Why You Shouldn’t Walk into the Medicaid Office Alone

I’ve
written before about the dangers of filing a Medicaid application yourself,
without any idea of how the Medicaid rules work. But, in the past month we have
had a rash of calls from folks who did just that and ended up with Medicaid
penalties – months of Medicaid ineligibility and no way to pay for care.

It’s
a disturbing trend but it can’t be ignored. The state is taking longer to
decide Medicaid applications and is scrutinizing them more than ever. Why?
Because it just doesn’t have the money to pay for care. If it can find
transfers and impose penalties – waiting periods – that means it doesn’t have
to pay for care during those months.

So
often, when I explain how the Medicaid penalty works the response I get is, “no
problem, Mom didn’t gift any money” or “Mom never really had much money so it
won’t be an issue”. But, there is a certain innocence in that answer, a lack of
understanding of the Medicaid regulations and of the economic recession that is
affecting our government as well as average Americans.

For
example, several times in the past month we have received calls from people who
have been questioned by Medicaid about transfers that have been made by the
applicant 3 and 4 years ago. It typically starts with a letter from the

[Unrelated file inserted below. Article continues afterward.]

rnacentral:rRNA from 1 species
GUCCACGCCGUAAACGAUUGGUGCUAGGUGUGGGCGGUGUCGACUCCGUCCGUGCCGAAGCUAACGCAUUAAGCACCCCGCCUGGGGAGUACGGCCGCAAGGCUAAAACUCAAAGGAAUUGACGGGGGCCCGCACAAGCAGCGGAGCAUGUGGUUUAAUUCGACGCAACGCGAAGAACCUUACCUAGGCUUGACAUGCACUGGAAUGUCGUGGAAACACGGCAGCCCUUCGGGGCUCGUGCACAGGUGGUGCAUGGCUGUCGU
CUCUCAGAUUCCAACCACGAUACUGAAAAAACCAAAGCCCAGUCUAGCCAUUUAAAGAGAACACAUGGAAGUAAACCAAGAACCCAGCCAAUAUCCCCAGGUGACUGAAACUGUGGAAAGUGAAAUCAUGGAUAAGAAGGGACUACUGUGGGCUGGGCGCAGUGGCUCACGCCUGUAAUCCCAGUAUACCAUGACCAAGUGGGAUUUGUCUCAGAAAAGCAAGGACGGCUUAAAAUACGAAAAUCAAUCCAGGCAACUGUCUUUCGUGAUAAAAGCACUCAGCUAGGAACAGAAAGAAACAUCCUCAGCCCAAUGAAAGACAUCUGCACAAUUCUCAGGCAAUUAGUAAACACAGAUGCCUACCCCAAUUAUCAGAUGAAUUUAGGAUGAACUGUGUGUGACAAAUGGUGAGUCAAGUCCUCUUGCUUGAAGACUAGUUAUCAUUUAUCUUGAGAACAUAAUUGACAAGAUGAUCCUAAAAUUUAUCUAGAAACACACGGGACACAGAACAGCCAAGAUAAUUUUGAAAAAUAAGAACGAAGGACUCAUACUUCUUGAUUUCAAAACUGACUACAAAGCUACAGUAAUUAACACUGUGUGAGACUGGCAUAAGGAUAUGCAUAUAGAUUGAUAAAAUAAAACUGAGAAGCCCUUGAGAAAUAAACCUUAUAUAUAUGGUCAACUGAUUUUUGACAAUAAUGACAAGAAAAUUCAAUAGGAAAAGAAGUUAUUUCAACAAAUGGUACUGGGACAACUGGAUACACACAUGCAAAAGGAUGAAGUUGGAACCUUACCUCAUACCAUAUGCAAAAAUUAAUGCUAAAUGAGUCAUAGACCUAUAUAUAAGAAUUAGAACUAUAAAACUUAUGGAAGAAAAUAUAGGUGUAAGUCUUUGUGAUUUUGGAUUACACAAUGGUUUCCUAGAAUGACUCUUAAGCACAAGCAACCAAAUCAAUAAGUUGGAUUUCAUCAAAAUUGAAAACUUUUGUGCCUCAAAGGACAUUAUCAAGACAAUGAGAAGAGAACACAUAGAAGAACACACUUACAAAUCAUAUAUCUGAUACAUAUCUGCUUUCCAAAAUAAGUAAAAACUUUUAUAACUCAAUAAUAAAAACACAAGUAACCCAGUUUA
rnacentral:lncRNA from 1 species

Medicaid caseworker asking for documentation concerning a particular
transaction on “such and such date” or a request for copies of all checks over
$1000.

So,
here’s the problem. Before you filed the Medicaid application did you ever
review those checks,or is now the first time? What happens if the checks are
payable to family members – or to any individuals for that matter – but not to
businesses? Well, Medicaid will ask you what those checks were written for.

Your
explanation must be backed up by documentation. So if Mom wrote you a check
to reimburse you for something, but you don’t remember what, or you can’t
produce the paperwork to support that, it is subject to a Medicaid penalty.

Do
you remember what you did 4 years ago? Do you have paper records to back up
what you say you did with your money if someone asked? Oh, and keep in mind
that you aren’t being asked about your own finances but rather someone else’s.
If you haven’t been managing Mom’s accounts you don’t know what you you’ll
find. Now add a deadline to the mix. The letter you received from Medicaid says
you’ve got 10 days to provide the documentation or the application could be
dismissed. But Mom didn’t keep her old statements so you’ll have to contact the
bank to get replacements. Good luck getting that in 10 days.

In
this type of environment it becomes very easy to see how well intentioned
families end up with disastrous consequences. Mom has no money left and
Medicaid won’t pick up the cost of care when they thought it would, leaving a
gap of months (the more uncompensated or unexplained transfers the longer the
gap). The nursing home needs to pay its bills and is looking to the family to
pay the $10,000 or $20,000 (or more) balance. The finger pointing starts as
does the talk of lawsuits.

That’s
why it bears repeating. You can’t walk into the Medicaid office, innocently
hand them all your documents and say “please give me Medicaid”. You’ve got to
be prepared. You’ve got to know what’s in those documents and how you are going
to respond to the inevitable questions. It’s like an IRS tax audit. You’d be
crazy to walk into the auditor’s office without a professional. Same thing with
Medicaid. The stakes are just too high.

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